Serving Many Masters
Part 3 of a four-part series.
Click here for Part 1, and here for Part 2.
CRM is a subspecies of master data management (MDM). You can't have much confidence in customer data if it hasn't been cleansed, consolidated, and controlled in your company's official recordkeeping system.
Customer data is almost never used in isolation from other business records. Rather, customer information is often linked, commingled, and cross-referenced to many other types of business data, such as product profiles, account and billing information, and supply chain and inventory data. This raises the real possibility that data quality (DQ) problems in other data sets will essentially contaminate your official customer records by association, muddying the single version of truth that you rely on for CRM.
Consequently, most enterprises that embark upon an MDM project for customer data integration (CDI) soon realize they must extend their deployments across other types of official business data. This best practice goes by several names, including multidomain, multi-entity, multicatalogue, and multi-application MDM. However it's labeled, the process involves applying a consistent set of DQ and other governance workflows, roles, policies, controls, and tools across all master data sets. This approach ensures that applications are being continuously served by master records across all key business entities.
But a word of caution: Many commercial MDM offerings have traditionally been geared to CDI, which remains the predominant real-world application of this technology. In other words, most MDM solutions were designed initially for managing customer data, and either lack the ability to be applied to other, non-customer data sets or cannot be easily extended for those applications without extensive customization.
Rest assured, though, that more vendors now offer flexible support for multi-application MDM in their product sets. Among the larger MDM vendors, IBM, Oracle, Teradata, Tibco, and SAP are particularly noteworthy in this regard, while pure-play MDM solution providers such as Kalido, Initiate Systems, and Siperian have made great progress down this road.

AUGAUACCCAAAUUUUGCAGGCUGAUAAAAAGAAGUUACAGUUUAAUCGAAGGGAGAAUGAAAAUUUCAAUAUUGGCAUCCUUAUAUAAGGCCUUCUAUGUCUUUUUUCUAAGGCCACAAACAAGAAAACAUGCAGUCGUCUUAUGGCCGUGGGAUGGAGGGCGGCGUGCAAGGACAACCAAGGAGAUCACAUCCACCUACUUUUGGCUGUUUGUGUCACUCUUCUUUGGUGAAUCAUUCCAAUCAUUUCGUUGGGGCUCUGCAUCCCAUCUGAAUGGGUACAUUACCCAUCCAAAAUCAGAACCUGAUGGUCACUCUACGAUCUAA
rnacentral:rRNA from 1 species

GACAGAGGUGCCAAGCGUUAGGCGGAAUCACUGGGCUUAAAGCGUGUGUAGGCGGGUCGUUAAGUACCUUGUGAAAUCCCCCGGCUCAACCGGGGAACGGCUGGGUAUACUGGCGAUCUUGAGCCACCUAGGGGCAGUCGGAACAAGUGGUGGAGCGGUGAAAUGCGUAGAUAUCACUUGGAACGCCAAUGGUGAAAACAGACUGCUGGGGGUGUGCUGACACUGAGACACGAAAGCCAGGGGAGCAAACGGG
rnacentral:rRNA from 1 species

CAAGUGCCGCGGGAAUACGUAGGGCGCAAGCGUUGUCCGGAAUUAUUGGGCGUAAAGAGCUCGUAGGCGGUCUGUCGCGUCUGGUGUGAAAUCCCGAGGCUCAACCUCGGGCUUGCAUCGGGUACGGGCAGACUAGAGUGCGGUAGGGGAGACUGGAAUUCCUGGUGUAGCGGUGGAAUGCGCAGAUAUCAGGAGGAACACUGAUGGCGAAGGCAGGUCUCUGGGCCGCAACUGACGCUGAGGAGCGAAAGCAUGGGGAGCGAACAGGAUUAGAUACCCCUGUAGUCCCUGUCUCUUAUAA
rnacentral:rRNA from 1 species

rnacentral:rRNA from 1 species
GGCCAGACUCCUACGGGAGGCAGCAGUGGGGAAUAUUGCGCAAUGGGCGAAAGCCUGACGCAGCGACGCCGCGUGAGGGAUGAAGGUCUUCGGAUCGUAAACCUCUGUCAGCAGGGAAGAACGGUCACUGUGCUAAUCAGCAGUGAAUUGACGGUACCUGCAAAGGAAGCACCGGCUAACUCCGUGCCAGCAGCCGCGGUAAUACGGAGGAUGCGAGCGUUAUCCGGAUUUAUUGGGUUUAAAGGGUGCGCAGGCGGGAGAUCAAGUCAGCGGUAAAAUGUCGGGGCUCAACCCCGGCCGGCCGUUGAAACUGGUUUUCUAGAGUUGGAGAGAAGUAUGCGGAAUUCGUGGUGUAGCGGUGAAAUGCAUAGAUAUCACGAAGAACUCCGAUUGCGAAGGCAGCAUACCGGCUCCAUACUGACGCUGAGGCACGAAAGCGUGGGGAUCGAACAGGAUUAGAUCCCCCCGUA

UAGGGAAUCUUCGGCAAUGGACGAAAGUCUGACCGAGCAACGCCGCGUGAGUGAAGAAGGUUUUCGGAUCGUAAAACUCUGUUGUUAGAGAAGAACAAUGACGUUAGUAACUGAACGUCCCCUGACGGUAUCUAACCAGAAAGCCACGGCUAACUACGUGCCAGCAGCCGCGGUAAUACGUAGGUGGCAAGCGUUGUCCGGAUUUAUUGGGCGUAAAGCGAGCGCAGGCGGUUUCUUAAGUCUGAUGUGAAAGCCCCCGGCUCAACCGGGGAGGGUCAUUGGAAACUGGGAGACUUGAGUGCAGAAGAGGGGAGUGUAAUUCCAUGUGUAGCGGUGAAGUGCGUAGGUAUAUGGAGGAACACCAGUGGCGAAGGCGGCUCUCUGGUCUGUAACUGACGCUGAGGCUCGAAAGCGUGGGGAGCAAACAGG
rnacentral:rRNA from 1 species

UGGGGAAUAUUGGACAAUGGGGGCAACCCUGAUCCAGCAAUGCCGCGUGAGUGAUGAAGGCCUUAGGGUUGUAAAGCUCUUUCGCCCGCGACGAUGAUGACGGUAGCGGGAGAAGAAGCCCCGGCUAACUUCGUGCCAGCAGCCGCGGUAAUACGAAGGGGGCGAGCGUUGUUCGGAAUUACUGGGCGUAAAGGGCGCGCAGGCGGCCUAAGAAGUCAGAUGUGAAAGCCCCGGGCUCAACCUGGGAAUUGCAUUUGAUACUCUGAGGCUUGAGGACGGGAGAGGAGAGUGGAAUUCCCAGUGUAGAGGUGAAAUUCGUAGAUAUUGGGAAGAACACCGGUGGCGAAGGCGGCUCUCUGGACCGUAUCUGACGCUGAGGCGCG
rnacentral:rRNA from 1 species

How can you determine the extent to which a given vendor supports your full requirements for multi-application MDM? Vendors often use different terms that are essentially synonymous, so you'll have to ask what specific logical data models, domain models, solution accelerators, or solution templates they offer. Also ask whether they provide prebuilt (but extensible) data definitions, data cleansing rules, and data stewardship roles and workflows for managing various master data sets (e.g., customers, products, and financials).
Just as important, determine whether the vendor -- in conjunction with its professional services personnel and partners -- offers prebuilt logical data models that have been adapted for your particular vertical industry, incorporating best practices and data definitions tailored to your company's specific needs. If you're in the insurance industry, for example, you want to make sure the vendor offers prebuilt data definitions for agents, brokers, claims adjusters, and other key internal and external parties involved in your business operations.
One absolute truism in multi-application MDM is that no data domain is an island, and no CRM/CDI/MDM environment can or should remain a silo for long. So it's important to evaluate whether an MDM vendor offers flexible relationship management tools. These allow you to link, extend, and tweak cross-referenced relationship definitions across diverse data entities, such as customers, products, suppliers, and locations.
Where multi-application MDM is concerned, you will need total flexibility to manage changing cross-domain data relationships. These will need to evolve -- sometimes changing day-to-day -- to keep pace with your organization's dynamic business model.
Click here for the final part of this four-part series.
James Kobielus (jkobielus.blogspot.com) is a senior analyst at Forrester Research. You can email him at email@example.com.
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Mastering Customer Records
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